1 December 2014
One day someone left a newspaper clipping in my pigeon-hole at the church I was then serving in. It was of an article entitled:
Team that saw the light and ended sadness
Aberdeen Football Club have hit outstanding form in their Scottish Premier League home matches this season. Since the installation of special light boxes in the players’ dressing room the team has had eight consecutive home wins. The boxes, designed for sufferers of seasonal affective disorder (SAD), are thought to have lifted the players’ spirits and inspired them on the field. As the days grow shorter, the boxes emit a bright light that compensates for the lack of sunlight and is thought to make people feel happier and more energetic. Sufferers of SAD often feel lethargic depressed and hopeless. It has been suggested that Aberdeen players and supporters have been feeling that way for years!
The article didn’t say whether or not they were also placed in the visiting team’s dressing room, but I suspect not!
Whoever kindly passed the article onto me knew that I was also the proud owner of a “SAD light box”. I endeavour to sit in front of it for ½ hour every morning and evening (usually when saying morning and evening prayer) and it has certainly helped me, especially throughout the winter months.
The effectiveness of another “light therapy” is underlined by Biblical verses associated with the approach of Christmas and from the Benedictus (or Song of Zechariah), the canticle used at Morning Prayer:
By the tender mercy of our God, the dawn from on high will break upon us, to give light to those who sit in darkness and in the shadow of death, to guide our feet into the way of peace. Luke 1:78,79
It is the coming of Jesus into our lives that can lift us above the lethargy, depression and hopelessness of our world and give us a new joy and energy. But not just this - we too have the privilege of reflecting his light to others. If the Lord is our “sun” then we can be his “moons” reflected his light to others. (There is so much in the Bible on this theme, why not “reflect” upon it. Isa.9:2-6, 60:1-3; Mal 4:2; Matt.4:12-17, 5:14-16, John 8:12; Eph.5:14; Ex.34:29-35 cf. 2 Cor.3:12-18)
May this Advent and Christmas be one that knows the Lord’s light shining upon us and reflected by us to others!
The Lord bless you and keep you; the Lord make his face to shine upon you, and be gracious to you; the Lord lift up his countenance upon you, and give you peace. Numbers 6:24-26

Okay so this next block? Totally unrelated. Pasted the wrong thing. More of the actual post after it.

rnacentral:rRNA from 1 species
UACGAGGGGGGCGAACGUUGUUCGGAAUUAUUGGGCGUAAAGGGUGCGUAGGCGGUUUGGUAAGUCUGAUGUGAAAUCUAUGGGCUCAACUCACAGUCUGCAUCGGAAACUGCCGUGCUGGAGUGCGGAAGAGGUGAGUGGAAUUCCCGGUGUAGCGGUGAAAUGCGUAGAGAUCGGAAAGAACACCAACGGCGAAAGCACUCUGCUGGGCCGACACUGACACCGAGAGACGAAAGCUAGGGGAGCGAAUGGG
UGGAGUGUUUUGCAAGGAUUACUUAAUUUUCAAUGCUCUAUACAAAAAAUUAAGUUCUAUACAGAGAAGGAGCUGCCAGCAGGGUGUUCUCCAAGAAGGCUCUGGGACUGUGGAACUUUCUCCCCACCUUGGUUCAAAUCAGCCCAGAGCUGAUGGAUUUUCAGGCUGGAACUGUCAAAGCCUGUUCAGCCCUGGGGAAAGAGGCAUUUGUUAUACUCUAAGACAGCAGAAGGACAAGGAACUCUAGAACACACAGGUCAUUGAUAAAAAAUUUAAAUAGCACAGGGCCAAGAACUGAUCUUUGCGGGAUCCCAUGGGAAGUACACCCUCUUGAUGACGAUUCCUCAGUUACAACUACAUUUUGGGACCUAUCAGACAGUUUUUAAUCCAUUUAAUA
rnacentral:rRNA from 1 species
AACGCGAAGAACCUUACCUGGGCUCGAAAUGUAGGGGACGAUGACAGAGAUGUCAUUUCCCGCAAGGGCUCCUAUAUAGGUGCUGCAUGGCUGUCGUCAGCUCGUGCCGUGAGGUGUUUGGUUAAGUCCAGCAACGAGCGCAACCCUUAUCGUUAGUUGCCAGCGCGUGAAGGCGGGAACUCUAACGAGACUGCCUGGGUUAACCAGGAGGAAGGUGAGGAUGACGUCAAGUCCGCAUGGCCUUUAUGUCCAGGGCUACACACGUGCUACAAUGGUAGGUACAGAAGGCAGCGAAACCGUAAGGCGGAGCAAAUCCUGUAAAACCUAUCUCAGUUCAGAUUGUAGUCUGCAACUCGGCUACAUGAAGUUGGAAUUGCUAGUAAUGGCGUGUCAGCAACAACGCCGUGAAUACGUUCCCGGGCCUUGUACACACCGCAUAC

With every blessing,
1 November 2014
I am very pleased to introduce myself to you and I very much look forward to meeting you personally. I was educated at King Edward’s VI School, Lichfield, and for 15 years followed a career in Banking before becoming a Reader in 1987. This was a change of direction that came about gradually - there was no sudden “conversion experience”. I trained at Ripon College, Cuddesdon, and was ordained in Worcester in 1992. I subsequently obtained a BA at the Open University, and an MA in Pastoral Theology at Birmingham University in 1996, followed by a Ph.D in Theology in 2000.
My ministry began in the largely rural diocese of Worcester. I was assistant Curate in the Worcester South-East Team from 1992-1995 and also a part-time Chaplain at St.Richard’s Hospice and at RNIB New College, Worcester. In 1995, I became Rector of Ripple, Earls Croome with Hill Croome and Strensham, and in 2000 I also became Rector of Upton upon Severn and The Church of the Good Shepherd, Hook Common. The churches, and the communities which each served, were very active and mixed, and I enjoyed the predictable and unexpected challenges and demands of parochial ministry in both town and country; this included developing new patterns of lay ministry and fundraising for a significant medieval church. I was also privileged to work ecumenically as a member of the Upton upon Severn Local Ecumenical Partnership from 1999, becoming its Chairman in 2005. From 1997-2005 I was Rural Dean of Upton, and Chairman of the Worcester Diocesan House of Clergy from 2002-2005. I was appointed an Honorary Canon of Worcester Cathedral in 2003. In 2005, I moved to Cornwall to become Dean of Truro and Rector of St.Mary’s Truro where I began working with new colleagues and many different groups of people within the Cathedral and across the diocese of Truro, all of which I enjoyed.
Read more: Revd Dr Chris Hardwick, Priest-in-Charge (Vicar Designate) of Tavistock, Gulworthy and Brent Tor